It's not a secret that John Hughes is one of my heroes when it comes to writing. I'm not sure if I know any other screenwriter who has been able to create as many memorable and relatable characters as he did.
In my opinion, Planes, Trains and Automobiles is one of the best examples, if not the best, on how to create likable, relatable characters. Both Steve Martin and John Candy really shine in this movie. It's their brightest hour (and 25 minutes).
The movie's storytelling is based on kindness - and yet the characters in the movie aren't nice all the time. In fact, this Steve Martin & John Candy vehicle is especially famous for its scenes where the characters don't act nice at all.
There's for example the confrontantion in the motel room, where Martin & Candy say awful things to each other. They both really get to the bottom of it and don't watch what they're saying. It's just brutal.
There's also the famous scene at the car rental where Martin's character Neal Page goes on an epic tirade in which he mostly uses the f word. The way he treats the chirpy customer service worker is mindboggling.
Based on these two scenes only, you wouldn't think that Plains, Trains & Automobiles could be a heartwarming movie. Nevertheless, it manages to be one and that's because the writer-director John Hughes knew what he was doing.
That is that already in the first scene that we see in the movie, the audience really identifies with the main character. When we see Steve Martin in the congress room, stuck in the meeting, one can't help but to think that we know exactly what he's going through.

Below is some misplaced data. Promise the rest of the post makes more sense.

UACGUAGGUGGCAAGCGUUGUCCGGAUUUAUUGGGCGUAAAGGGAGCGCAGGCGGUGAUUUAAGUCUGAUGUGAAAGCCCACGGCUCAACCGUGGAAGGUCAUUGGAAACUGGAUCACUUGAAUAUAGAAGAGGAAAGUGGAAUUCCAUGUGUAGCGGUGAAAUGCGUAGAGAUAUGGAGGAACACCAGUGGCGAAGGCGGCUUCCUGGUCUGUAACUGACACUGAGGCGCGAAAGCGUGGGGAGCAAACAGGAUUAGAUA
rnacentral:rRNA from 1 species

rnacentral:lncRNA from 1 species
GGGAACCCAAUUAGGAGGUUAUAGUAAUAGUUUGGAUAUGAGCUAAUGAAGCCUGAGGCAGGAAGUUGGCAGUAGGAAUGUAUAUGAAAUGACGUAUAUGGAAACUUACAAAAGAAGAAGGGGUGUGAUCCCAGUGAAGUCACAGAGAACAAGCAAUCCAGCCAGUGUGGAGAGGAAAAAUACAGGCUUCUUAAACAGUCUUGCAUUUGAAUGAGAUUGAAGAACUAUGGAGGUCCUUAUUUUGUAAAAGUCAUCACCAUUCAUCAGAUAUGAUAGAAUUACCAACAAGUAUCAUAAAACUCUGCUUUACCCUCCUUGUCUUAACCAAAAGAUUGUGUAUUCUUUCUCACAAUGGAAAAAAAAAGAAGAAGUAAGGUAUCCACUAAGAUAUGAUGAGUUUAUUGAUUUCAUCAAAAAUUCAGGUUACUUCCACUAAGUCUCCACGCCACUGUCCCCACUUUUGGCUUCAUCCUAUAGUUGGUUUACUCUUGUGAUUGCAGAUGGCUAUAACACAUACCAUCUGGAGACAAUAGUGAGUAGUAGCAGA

The same goes also for us seeing John Candy's character when he apologizes for 'stealing' the cab. In order to make up for his mistake, he wants to provide Martin's character squishies, slurpies and stuff. Save the cat moment, I guess.
From the very beginning, the movie get its right, and the first scene is one of the best opening scenes in the history of movies. It's elegant in its simplicity, but it's also absolutely hilarious in an understated way. It gets the movie going.
I guess the movie isn't perfect, but yet in so many ways it's amazing that it's possible to create an experience like Planes, Trains & Automobiles, a film, that at the same time manages to be not only funny, but also honest and sad.
There are so many things to learn from it - but if there's one thing above others, it is that if you can create characters as immediately relatable as John Hughes did here, then pretty much anything is possible.
Anyway, here's the opening scene.. ..and the rest of the film too. I never seem to get tired of watching this wonderful, kind movie.